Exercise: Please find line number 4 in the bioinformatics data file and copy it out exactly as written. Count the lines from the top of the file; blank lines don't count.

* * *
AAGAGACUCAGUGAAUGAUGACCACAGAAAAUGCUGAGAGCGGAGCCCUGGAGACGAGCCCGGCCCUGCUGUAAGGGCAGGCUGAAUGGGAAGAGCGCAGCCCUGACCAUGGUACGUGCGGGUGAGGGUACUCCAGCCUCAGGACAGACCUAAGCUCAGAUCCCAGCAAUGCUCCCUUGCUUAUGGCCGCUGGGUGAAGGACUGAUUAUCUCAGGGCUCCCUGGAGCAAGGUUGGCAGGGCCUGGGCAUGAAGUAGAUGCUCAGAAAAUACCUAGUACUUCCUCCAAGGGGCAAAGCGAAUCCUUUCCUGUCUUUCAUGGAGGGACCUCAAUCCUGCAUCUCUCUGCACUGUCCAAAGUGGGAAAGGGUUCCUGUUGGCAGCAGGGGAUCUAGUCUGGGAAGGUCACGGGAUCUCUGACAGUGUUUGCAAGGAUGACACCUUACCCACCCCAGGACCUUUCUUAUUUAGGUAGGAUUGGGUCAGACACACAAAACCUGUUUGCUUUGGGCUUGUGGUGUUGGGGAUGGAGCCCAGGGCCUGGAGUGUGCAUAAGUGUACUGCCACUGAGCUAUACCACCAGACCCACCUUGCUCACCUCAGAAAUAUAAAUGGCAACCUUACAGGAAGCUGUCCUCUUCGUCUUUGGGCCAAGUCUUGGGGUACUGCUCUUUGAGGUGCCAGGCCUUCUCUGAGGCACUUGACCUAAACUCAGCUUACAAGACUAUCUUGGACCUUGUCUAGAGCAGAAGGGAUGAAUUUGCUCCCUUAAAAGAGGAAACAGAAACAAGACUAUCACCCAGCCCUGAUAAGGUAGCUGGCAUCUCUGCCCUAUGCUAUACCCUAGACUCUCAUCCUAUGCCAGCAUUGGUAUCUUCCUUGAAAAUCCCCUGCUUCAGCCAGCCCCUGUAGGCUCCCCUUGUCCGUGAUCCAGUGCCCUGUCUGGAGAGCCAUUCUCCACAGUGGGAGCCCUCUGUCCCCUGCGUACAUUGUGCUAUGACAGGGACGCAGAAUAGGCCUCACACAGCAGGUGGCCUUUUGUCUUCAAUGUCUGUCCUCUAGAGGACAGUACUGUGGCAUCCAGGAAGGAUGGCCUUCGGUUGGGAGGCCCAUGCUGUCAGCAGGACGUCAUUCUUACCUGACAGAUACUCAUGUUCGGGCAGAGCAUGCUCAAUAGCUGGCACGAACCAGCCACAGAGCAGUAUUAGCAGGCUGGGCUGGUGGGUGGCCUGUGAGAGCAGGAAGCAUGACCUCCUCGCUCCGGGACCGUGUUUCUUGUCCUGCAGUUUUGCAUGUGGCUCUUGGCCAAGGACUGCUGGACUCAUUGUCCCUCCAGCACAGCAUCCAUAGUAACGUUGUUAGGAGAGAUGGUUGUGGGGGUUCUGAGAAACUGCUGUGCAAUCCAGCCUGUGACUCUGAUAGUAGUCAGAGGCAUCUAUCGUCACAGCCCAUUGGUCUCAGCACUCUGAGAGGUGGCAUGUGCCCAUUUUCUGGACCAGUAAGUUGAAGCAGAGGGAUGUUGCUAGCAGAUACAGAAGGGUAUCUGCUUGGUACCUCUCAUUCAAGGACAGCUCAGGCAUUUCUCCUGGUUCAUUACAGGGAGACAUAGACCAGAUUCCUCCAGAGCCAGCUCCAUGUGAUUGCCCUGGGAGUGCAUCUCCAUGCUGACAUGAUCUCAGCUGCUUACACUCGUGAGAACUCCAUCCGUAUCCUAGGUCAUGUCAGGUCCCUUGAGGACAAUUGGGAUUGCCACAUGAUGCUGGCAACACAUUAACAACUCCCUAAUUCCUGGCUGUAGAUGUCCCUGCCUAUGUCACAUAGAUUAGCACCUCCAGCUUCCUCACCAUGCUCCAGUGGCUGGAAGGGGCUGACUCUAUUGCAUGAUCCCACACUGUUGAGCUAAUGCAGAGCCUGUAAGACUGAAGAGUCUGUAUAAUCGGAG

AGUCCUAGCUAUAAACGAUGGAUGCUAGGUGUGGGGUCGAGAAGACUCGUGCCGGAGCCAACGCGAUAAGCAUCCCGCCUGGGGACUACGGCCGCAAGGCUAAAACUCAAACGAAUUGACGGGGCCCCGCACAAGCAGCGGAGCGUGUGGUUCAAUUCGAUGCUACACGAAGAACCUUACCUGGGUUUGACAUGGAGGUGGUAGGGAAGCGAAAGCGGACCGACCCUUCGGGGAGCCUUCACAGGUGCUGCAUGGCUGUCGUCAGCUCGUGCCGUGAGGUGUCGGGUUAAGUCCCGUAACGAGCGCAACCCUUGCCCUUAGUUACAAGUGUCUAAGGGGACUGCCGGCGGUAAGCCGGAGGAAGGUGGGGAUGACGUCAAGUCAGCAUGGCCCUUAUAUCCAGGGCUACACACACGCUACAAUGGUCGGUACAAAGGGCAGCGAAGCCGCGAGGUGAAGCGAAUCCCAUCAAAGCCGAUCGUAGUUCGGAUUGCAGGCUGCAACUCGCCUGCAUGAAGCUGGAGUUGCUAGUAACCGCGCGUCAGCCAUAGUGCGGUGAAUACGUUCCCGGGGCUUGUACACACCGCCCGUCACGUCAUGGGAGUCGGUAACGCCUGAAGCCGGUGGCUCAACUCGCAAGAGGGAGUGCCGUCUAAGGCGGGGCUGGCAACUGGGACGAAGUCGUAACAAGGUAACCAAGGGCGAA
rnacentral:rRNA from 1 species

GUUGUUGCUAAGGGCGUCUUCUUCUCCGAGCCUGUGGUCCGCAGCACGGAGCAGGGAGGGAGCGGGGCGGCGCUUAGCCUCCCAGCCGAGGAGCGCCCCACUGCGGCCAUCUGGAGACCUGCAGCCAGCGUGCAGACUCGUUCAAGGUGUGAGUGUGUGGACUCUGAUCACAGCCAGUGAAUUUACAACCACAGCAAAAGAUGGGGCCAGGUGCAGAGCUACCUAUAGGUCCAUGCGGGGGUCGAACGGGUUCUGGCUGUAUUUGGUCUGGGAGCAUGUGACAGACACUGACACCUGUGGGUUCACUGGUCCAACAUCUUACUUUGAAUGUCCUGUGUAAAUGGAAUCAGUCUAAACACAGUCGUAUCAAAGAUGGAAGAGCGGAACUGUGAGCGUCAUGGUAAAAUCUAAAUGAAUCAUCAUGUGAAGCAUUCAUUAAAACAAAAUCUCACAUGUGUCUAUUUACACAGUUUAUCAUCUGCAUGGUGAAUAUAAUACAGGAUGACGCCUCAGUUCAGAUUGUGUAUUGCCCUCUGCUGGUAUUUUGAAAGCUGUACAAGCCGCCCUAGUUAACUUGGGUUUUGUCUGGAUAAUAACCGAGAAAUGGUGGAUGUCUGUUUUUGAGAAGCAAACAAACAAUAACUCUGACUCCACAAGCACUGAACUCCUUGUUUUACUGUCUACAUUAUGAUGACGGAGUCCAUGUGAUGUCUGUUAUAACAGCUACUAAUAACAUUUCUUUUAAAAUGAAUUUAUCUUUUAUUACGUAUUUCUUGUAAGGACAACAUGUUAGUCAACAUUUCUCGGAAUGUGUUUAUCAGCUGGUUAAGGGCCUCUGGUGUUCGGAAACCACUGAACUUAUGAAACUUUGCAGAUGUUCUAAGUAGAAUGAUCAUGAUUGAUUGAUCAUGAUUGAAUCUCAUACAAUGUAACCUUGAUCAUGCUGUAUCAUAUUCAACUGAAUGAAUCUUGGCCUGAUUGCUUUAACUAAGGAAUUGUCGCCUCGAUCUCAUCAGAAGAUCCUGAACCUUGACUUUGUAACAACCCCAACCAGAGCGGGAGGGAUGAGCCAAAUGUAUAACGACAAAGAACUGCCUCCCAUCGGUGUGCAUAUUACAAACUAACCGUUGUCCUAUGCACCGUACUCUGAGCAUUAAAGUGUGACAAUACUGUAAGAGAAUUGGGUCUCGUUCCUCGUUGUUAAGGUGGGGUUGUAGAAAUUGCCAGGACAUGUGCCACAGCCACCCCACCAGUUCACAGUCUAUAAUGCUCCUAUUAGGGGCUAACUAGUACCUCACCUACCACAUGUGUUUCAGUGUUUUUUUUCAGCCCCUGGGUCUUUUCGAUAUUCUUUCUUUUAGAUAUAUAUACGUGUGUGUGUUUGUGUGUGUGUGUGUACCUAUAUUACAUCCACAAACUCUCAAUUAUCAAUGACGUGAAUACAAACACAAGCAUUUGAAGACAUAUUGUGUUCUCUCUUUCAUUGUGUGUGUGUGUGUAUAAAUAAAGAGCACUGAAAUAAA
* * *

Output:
GUUGUUGCUAAGGGCGUCUUCUUCUCCGAGCCUGUGGUCCGCAGCACGGAGCAGGGAGGGAGCGGGGCGGCGCUUAGCCUCCCAGCCGAGGAGCGCCCCACUGCGGCCAUCUGGAGACCUGCAGCCAGCGUGCAGACUCGUUCAAGGUGUGAGUGUGUGGACUCUGAUCACAGCCAGUGAAUUUACAACCACAGCAAAAGAUGGGGCCAGGUGCAGAGCUACCUAUAGGUCCAUGCGGGGGUCGAACGGGUUCUGGCUGUAUUUGGUCUGGGAGCAUGUGACAGACACUGACACCUGUGGGUUCACUGGUCCAACAUCUUACUUUGAAUGUCCUGUGUAAAUGGAAUCAGUCUAAACACAGUCGUAUCAAAGAUGGAAGAGCGGAACUGUGAGCGUCAUGGUAAAAUCUAAAUGAAUCAUCAUGUGAAGCAUUCAUUAAAACAAAAUCUCACAUGUGUCUAUUUACACAGUUUAUCAUCUGCAUGGUGAAUAUAAUACAGGAUGACGCCUCAGUUCAGAUUGUGUAUUGCCCUCUGCUGGUAUUUUGAAAGCUGUACAAGCCGCCCUAGUUAACUUGGGUUUUGUCUGGAUAAUAACCGAGAAAUGGUGGAUGUCUGUUUUUGAGAAGCAAACAAACAAUAACUCUGACUCCACAAGCACUGAACUCCUUGUUUUACUGUCUACAUUAUGAUGACGGAGUCCAUGUGAUGUCUGUUAUAACAGCUACUAAUAACAUUUCUUUUAAAAUGAAUUUAUCUUUUAUUACGUAUUUCUUGUAAGGACAACAUGUUAGUCAACAUUUCUCGGAAUGUGUUUAUCAGCUGGUUAAGGGCCUCUGGUGUUCGGAAACCACUGAACUUAUGAAACUUUGCAGAUGUUCUAAGUAGAAUGAUCAUGAUUGAUUGAUCAUGAUUGAAUCUCAUACAAUGUAACCUUGAUCAUGCUGUAUCAUAUUCAACUGAAUGAAUCUUGGCCUGAUUGCUUUAACUAAGGAAUUGUCGCCUCGAUCUCAUCAGAAGAUCCUGAACCUUGACUUUGUAACAACCCCAACCAGAGCGGGAGGGAUGAGCCAAAUGUAUAACGACAAAGAACUGCCUCCCAUCGGUGUGCAUAUUACAAACUAACCGUUGUCCUAUGCACCGUACUCUGAGCAUUAAAGUGUGACAAUACUGUAAGAGAAUUGGGUCUCGUUCCUCGUUGUUAAGGUGGGGUUGUAGAAAUUGCCAGGACAUGUGCCACAGCCACCCCACCAGUUCACAGUCUAUAAUGCUCCUAUUAGGGGCUAACUAGUACCUCACCUACCACAUGUGUUUCAGUGUUUUUUUUCAGCCCCUGGGUCUUUUCGAUAUUCUUUCUUUUAGAUAUAUAUACGUGUGUGUGUUUGUGUGUGUGUGUGUACCUAUAUUACAUCCACAAACUCUCAAUUAUCAAUGACGUGAAUACAAACACAAGCAUUUGAAGACAUAUUGUGUUCUCUCUUUCAUUGUGUGUGUGUGUGUAUAAAUAAAGAGCACUGAAAUAAA